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Mission to shed light on the dark side of the moon – Opinion

A Long March 5 rocket, carrying the Chang’e 6 spacecraft, blasts off from its launch pad at the Wenchang Space Launch Site in South China’s Hainan province, May 3, 2024. (Photo/Xinhua)

China launched its Chang’e 6 spacecraft on Friday to collect and return samples from the mysterious far side of the moon – the first attempt of its kind.

The samples from the far side of the moon will give scientists a better understanding of the environment and material composition of the far side of the moon.

The Chang’e 6 spacecraft, like its predecessor Chang’e 5, consists of an orbiter, a lander, a riser and a returner. According to the mission plan, after it reaches the moon, it will make a soft landing on the other side. Within 48 hours of landing on the moon’s surface, a robotic arm will be extended to scoop rocks and soil from the moon’s surface, and a drill will drill into the ground.

After the samples are sealed in a container, the lunar ascender will lift off and dock with the orbiter in lunar orbit. The returnee will then bring the samples back to Earth, landing in the Inner Mongolia Autonomous Region in northern China. The entire flight is expected to last about 53 days, according to the China National Space Administration.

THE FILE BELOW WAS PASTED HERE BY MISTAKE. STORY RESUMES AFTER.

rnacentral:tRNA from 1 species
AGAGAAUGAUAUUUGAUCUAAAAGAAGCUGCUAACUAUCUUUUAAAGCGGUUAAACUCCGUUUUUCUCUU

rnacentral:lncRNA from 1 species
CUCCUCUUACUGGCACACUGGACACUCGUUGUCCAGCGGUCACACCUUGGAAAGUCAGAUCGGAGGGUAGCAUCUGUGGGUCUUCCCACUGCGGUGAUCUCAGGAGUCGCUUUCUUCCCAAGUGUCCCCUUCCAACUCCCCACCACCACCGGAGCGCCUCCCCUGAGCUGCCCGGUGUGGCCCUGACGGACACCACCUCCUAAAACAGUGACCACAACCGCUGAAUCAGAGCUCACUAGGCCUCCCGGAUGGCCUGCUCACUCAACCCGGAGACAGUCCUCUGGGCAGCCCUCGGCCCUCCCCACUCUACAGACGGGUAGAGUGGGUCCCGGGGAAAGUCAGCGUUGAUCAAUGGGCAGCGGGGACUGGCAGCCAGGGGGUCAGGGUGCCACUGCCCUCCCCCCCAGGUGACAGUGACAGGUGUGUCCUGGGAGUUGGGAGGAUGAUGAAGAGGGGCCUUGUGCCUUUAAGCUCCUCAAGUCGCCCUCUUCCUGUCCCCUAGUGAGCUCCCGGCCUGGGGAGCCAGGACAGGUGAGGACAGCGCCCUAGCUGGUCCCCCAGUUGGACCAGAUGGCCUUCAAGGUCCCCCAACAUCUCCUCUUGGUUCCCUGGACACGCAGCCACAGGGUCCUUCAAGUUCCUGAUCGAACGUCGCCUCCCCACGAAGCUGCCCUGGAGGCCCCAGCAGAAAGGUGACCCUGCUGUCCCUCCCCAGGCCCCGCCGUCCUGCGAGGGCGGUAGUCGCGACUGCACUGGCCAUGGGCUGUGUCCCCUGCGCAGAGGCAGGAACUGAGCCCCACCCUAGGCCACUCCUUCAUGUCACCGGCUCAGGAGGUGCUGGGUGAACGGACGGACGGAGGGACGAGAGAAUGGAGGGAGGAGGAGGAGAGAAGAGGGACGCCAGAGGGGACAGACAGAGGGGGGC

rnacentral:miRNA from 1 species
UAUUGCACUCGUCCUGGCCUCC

The Chang’e 6 mission required new technological breakthroughs in areas such as the design and control of the lunar retrograde orbit, rapid intelligent sampling, and liftoff from the far side of the moon.

Notably, the Chang’e 6 mission carries four payloads developed through international cooperation, highlighting how China’s space program provides more opportunities for the world’s scientists and promotes international cooperation in space exploration. Scientific instruments from France, Italy, the European Space Agency and Sweden are on board the Chang’e 6 lander, and a small satellite from Pakistan is on board the orbiter.

More than 700 pounds of lunar samples have been collected during ten lunar missions conducted by the United States, the former Soviet Union, and China, all collected on the near side of the moon.

Remote sensing images show that the two sides of the moon are very different. The near side is relatively flat, while the far side is densely littered with asteroid impact craters of varying sizes and has far fewer lunar mares than the near side. Scientists also suspect that the moon’s crust on the far side is much thicker than that on the near side. But why that is the case remains a mystery.

– Xinhua News Agency